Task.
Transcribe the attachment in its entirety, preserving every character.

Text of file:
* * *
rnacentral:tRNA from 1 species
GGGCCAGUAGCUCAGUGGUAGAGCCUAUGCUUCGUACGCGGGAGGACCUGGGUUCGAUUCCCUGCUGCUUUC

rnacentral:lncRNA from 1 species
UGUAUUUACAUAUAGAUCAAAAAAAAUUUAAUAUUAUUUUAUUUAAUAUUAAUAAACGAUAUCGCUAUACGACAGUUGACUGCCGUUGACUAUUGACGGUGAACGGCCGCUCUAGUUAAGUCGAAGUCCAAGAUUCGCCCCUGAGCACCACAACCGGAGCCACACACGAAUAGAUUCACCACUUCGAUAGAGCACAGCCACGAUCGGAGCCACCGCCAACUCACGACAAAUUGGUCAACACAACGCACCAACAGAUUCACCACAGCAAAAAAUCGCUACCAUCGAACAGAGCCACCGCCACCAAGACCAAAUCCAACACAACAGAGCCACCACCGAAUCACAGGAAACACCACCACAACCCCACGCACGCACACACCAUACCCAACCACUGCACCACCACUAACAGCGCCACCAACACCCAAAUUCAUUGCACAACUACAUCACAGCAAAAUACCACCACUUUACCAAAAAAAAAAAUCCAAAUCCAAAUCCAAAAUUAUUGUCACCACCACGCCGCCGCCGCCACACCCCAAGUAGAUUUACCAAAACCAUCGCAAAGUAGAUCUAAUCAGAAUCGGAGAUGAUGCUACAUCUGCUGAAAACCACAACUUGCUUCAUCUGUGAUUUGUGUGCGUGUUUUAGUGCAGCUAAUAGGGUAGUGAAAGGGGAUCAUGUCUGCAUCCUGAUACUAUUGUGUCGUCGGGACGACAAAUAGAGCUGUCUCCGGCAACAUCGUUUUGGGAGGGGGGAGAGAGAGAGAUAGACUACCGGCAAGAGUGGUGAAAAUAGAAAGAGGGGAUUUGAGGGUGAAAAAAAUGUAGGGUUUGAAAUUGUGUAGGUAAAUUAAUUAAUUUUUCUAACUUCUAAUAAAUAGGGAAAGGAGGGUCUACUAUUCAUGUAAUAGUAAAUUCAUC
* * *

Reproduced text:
rnacentral:tRNA from 1 species
GGGCCAGUAGCUCAGUGGUAGAGCCUAUGCUUCGUACGCGGGAGGACCUGGGUUCGAUUCCCUGCUGCUUUC

rnacentral:lncRNA from 1 species
UGUAUUUACAUAUAGAUCAAAAAAAAUUUAAUAUUAUUUUAUUUAAUAUUAAUAAACGAUAUCGCUAUACGACAGUUGACUGCCGUUGACUAUUGACGGUGAACGGCCGCUCUAGUUAAGUCGAAGUCCAAGAUUCGCCCCUGAGCACCACAACCGGAGCCACACACGAAUAGAUUCACCACUUCGAUAGAGCACAGCCACGAUCGGAGCCACCGCCAACUCACGACAAAUUGGUCAACACAACGCACCAACAGAUUCACCACAGCAAAAAAUCGCUACCAUCGAACAGAGCCACCGCCACCAAGACCAAAUCCAACACAACAGAGCCACCACCGAAUCACAGGAAACACCACCACAACCCCACGCACGCACACACCAUACCCAACCACUGCACCACCACUAACAGCGCCACCAACACCCAAAUUCAUUGCACAACUACAUCACAGCAAAAUACCACCACUUUACCAAAAAAAAAAAUCCAAAUCCAAAUCCAAAAUUAUUGUCACCACCACGCCGCCGCCGCCACACCCCAAGUAGAUUUACCAAAACCAUCGCAAAGUAGAUCUAAUCAGAAUCGGAGAUGAUGCUACAUCUGCUGAAAACCACAACUUGCUUCAUCUGUGAUUUGUGUGCGUGUUUUAGUGCAGCUAAUAGGGUAGUGAAAGGGGAUCAUGUCUGCAUCCUGAUACUAUUGUGUCGUCGGGACGACAAAUAGAGCUGUCUCCGGCAACAUCGUUUUGGGAGGGGGGAGAGAGAGAGAUAGACUACCGGCAAGAGUGGUGAAAAUAGAAAGAGGGGAUUUGAGGGUGAAAAAAAUGUAGGGUUUGAAAUUGUGUAGGUAAAUUAAUUAAUUUUUCUAACUUCUAAUAAAUAGGGAAAGGAGGGUCUACUAUUCAUGUAAUAGUAAAUUCAUC